Not only noblewomen but those lower down the social scale took on new responsibilities in widowhood.


Jacqueline Vautrollier, the wife of a London printer and publisher took over the firm at his death and managed it with the help of his apprentice, Richard Field - a fellow townsman of Shakespeare. Jacqueline later married Field, who printed Venus and Adonis,  Lucrece and other works.


When William Wheeler, a London goldsmith died in 1661, his widow Martha married one of her husband's apprentices - Robert Blanchard. Her daughter Elizabeth, (Blanchard's stepdaughter) married Francis Child, another apprentice, in 1681. Francis Child came to control the whole business - of which banking now constituted an important part - prospered and became Lord Mayor of London and a Member of Parliament. The business became Child & Co. - one of the world's first banks.


"Doctor Ravens, a physician in Cambridge, rich, who had had 2 rich wives, presumed to get into the chamber of a widow, an alderman’s daughter, worth £20,000, and put his leg into the bed; she asked who was there; he answered “Doctor Ravens”; she cried out and company came in.
Thus the tale is told.
He was fined £500, besides imprisonment and other disgrace. The widow’s action against him is yet to come."

(Diary of John Rous , 1628)



Women far lower down the social scale were also forced into business by their husbands' deaths. One traditional means of support was brewing ale.


However, in many cases widowhood brought a severe decline in a woman's standard of living. Many of those supported by England's scanty system of poor relief were widows.



bulletMost early-modern Englishwomen were wives for much of their lives. Only about 15% of women remained spinsters.
bulletMarried women were legally subordinate to their husbands. Most lost control of their property, which under Common Law was subject to couverture, i.e. the wife's legal rights were subsumed into the husband's who exercised control.
In practice equity protected wives from the harsher aspects of their Common Law status, and the Court of Chancery actively protected the property rights of wives and heiresses.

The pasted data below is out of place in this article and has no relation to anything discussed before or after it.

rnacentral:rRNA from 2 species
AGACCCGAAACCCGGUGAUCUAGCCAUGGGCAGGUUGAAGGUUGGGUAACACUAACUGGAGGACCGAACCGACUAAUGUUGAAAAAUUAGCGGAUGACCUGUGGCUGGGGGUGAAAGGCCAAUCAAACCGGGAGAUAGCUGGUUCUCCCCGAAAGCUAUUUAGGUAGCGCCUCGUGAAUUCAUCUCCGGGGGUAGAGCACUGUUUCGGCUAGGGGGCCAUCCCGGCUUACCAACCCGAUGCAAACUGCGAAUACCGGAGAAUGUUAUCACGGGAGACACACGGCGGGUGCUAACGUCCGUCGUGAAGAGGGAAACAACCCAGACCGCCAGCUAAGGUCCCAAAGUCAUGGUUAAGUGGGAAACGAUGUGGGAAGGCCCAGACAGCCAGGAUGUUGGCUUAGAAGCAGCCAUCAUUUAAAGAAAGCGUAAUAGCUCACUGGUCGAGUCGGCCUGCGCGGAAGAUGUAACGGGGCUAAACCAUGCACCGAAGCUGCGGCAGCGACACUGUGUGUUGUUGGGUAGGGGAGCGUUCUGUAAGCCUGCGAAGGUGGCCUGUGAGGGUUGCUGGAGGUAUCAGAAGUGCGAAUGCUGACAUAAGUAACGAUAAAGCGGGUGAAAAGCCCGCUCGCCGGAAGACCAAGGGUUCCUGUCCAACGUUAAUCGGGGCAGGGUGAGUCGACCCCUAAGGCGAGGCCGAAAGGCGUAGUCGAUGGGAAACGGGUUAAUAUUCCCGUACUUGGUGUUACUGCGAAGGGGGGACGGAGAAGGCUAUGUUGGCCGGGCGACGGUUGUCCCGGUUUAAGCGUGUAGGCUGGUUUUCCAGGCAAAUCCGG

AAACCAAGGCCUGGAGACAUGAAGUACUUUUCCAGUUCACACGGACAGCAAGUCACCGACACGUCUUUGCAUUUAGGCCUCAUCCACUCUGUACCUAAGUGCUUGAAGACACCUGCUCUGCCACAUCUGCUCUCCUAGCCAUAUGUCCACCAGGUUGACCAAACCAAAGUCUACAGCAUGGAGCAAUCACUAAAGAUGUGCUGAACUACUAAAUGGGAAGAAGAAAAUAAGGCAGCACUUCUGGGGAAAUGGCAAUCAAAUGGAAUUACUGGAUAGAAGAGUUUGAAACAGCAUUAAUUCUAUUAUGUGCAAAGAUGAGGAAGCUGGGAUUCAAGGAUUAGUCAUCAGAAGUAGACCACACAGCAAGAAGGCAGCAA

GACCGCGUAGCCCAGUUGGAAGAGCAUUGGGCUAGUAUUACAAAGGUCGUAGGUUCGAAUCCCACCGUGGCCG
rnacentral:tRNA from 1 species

Social theory accepted that women as the "weaker" sex should be subordinate to men, all other things being equal. Women did sometimes exercise authority over men - queen over her realm, mother over son, mistress of the household over servant - but on any particular rank of the hierarchy of social order it was accepted that women should take second place.

Thomas Gataker's Marriage Duties is an example of a fairly standard summary of a wife's duties towards her husband.


"I am ashamed that women are so simple
To offer war where they should kneel for peace;
Or seek for rule, supremacy and sway,
When they are bound to serve, love and obey.
Why are our bodies soft and weak and smooth,
Unapt to toil and trouble in the world,
But that our soft conditions and our hearts
Should well agree with our external parts?"

(Taming of the Shrew, 5.2)



It was almost universally accepted at this time that wives should obey their husbands and children their parents. Wives were the "junior partners" in the family - superior to children and servants but subordinate to the husband and father.

One of the first to question the subordination of wife to husband was Mary Astell (1666-1731). Astell was a Tory theorist who wrote against the Whigs and in support of the Church of England. She was one of the first to argue that since women were equal to men in intelligence and virtue, they should not be kept in a state of social and political inferiority.



Virtually all early-modern English theorists insisted that husbands should not use physical force against their wives (thought everyone accepted the corporal punishment of children and servants). Familial power was directed to the welfare of its members and did not extend to capital punishment (unlike the civil state).